European populations exhibit progressive sensitisation to food allergens, and apples are one of the foods for which sensitisation is observed most frequently. Apple cultivars vary greatly in their allergenic characteristics, and a better understanding of the genetic basis of low allergenicity may therefore allow allergic individuals to increase their fruit intake. Mal d 1 is considered to be a major apple allergen, and this protein is encoded by the most complex allergen gene family. Not all Mal d 1 members are likely to be involved in allergenicity. Therefore, additional knowledge about the existence and characteristics of the different Mal d 1 genes is required. In the present study, we investigated the genomic organisation of the Mal d 1 gene cluster in linkage group 16 of apple through the sequencing of two bacterial artificial chromosome clones. The results provided new information on the composition of this family with respect to the number and orientation of functional and pseudogenes and their physical distances. The results were compared with the apple and peach genome sequences that have recently been made available. A broad analysis of the whole apple genome revealed the presence of new genes in this family, and a complete list of the observed Mal d 1 genes is supplied. Thus, this study provides an important contribution towards a better understanding of the genetics of the Mal d 1 family and establishes the basis for further research on allelic diversity among cultivars in relation to variation in allergenicity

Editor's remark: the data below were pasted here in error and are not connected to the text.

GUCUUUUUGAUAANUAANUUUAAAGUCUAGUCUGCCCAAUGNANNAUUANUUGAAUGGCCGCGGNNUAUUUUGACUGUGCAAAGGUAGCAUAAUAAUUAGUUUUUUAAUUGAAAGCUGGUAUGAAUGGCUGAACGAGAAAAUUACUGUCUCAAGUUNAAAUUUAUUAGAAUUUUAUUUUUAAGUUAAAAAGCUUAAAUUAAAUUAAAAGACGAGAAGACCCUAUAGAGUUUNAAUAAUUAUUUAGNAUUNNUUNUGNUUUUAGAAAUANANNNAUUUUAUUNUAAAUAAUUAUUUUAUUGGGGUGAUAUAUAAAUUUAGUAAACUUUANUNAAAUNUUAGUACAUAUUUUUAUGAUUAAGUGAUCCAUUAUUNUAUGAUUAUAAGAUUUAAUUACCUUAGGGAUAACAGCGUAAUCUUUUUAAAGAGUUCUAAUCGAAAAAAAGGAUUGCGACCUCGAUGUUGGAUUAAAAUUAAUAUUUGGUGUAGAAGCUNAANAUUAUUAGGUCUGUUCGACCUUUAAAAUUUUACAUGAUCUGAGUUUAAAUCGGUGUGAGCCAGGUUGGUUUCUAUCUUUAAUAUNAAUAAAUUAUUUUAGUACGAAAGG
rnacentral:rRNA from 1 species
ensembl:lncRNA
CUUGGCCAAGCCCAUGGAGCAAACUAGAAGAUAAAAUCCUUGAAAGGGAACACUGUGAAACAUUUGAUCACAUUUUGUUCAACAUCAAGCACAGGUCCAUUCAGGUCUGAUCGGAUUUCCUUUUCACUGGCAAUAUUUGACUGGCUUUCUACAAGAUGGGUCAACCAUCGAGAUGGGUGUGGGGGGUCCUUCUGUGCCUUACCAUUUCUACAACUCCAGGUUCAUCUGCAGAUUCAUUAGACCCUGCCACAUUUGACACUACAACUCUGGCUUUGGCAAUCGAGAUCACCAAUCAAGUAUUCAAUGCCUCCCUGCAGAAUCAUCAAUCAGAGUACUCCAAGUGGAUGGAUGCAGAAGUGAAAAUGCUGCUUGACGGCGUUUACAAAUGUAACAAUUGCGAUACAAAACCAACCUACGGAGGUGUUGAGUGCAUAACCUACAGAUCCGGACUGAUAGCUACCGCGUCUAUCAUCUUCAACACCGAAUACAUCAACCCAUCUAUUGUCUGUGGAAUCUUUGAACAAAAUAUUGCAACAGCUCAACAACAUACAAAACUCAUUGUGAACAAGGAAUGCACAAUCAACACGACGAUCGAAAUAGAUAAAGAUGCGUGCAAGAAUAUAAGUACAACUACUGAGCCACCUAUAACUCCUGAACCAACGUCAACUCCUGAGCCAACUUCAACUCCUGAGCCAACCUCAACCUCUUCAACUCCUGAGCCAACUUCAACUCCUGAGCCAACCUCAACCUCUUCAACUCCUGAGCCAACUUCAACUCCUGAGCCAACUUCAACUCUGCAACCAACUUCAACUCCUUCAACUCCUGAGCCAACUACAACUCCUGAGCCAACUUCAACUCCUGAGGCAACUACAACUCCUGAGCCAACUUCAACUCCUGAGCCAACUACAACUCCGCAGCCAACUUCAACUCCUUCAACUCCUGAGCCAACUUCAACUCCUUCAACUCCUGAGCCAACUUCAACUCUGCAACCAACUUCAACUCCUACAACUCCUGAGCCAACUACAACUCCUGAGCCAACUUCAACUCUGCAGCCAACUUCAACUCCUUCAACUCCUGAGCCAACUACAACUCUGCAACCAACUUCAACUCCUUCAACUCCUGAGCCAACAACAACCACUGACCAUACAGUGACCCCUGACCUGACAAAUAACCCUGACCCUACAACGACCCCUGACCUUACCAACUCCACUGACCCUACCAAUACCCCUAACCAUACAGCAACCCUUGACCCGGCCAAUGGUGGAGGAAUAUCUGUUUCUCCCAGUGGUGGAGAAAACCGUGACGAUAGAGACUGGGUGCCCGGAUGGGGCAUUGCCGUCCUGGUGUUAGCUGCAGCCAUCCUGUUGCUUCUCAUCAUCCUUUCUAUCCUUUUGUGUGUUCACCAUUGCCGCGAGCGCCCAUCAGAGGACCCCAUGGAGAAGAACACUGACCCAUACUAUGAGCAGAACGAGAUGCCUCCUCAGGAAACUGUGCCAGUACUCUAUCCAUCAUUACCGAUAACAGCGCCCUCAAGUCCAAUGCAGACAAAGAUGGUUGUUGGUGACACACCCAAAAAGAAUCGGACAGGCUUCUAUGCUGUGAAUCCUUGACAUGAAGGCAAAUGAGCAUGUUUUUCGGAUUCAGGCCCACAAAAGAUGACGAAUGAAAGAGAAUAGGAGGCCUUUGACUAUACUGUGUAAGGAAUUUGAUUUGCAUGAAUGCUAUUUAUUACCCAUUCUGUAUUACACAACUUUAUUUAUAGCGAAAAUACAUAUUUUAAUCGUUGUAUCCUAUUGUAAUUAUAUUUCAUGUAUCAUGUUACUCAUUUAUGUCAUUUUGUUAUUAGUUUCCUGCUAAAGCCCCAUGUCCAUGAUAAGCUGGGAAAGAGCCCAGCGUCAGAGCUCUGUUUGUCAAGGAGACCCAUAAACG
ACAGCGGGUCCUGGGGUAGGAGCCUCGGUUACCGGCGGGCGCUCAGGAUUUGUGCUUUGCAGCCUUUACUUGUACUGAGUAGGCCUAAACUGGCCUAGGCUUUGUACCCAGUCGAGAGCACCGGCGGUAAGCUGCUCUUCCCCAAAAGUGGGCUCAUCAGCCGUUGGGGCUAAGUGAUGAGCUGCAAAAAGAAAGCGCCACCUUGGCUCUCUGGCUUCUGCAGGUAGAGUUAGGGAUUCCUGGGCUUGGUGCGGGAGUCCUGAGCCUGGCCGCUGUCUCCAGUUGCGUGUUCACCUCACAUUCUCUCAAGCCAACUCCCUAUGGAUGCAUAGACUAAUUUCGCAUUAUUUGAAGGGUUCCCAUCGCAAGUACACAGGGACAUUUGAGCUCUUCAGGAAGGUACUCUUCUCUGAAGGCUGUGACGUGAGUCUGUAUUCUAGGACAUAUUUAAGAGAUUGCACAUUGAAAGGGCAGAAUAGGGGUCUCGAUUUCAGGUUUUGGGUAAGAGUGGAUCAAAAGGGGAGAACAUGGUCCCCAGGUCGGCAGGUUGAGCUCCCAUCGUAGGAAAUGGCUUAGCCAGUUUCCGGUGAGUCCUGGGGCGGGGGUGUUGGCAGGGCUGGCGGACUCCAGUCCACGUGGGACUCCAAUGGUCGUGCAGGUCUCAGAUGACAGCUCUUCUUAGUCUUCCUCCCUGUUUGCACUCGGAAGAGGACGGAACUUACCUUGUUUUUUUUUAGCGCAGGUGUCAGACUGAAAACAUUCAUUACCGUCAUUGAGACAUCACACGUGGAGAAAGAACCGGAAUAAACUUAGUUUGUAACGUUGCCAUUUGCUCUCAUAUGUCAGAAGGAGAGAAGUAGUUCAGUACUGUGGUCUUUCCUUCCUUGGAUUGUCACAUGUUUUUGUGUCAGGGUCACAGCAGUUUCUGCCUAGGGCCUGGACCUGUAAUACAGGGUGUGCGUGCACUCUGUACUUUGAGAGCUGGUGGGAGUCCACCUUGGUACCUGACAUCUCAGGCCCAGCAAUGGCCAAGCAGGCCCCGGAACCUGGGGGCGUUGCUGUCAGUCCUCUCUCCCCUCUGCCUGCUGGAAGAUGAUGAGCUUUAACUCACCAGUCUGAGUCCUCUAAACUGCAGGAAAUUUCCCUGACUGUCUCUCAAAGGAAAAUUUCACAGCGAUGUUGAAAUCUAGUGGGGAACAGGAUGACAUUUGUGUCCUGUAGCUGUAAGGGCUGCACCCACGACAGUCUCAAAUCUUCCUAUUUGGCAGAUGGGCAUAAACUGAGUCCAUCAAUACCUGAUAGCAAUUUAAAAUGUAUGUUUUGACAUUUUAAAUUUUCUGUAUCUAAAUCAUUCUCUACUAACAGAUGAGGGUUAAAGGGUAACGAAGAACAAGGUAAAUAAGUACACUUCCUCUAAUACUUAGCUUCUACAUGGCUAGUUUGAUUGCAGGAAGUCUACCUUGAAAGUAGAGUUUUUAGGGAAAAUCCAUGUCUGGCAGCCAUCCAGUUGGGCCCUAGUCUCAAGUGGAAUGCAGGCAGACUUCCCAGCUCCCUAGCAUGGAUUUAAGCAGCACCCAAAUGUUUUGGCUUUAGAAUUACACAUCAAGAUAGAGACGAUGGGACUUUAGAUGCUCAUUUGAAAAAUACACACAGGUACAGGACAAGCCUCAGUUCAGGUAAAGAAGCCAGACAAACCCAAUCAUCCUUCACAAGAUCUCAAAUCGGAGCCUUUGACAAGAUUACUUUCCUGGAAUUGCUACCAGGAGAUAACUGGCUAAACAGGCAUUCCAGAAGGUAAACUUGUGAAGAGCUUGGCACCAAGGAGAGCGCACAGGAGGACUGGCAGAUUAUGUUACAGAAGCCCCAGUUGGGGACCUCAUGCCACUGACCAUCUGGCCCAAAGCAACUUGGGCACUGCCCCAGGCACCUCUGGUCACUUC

Estimation of genetic parameters and prediction of breeding values for apple fruit-quality traits using pedigreed plant material in Europe
Kouassi, A.B. ; Durel, C.E. ; Costa, F. ; Tartarini, S. ; Weg, W.E. van de; Evans, K. ; Fernandez-Fernandez, F. ; Govan, C. ; Boudichevskaja, A. ; Dunemann, F. ; Antofie, A. ; Lateur, M. ; Stankiewicz-Kosyl, M. ; Soska, A. ; Tomala, K. ; Lewandowski, M. ; Rutkovski, K. ; Zurawicz, E. ; Guerra, W. ; Laurens, F. - \ 2009
Tree Genetics and Genomes 5 (2009)4. - ISSN 1614-2942 - p. 659 - 672.
sensory interpretation - variance-components - information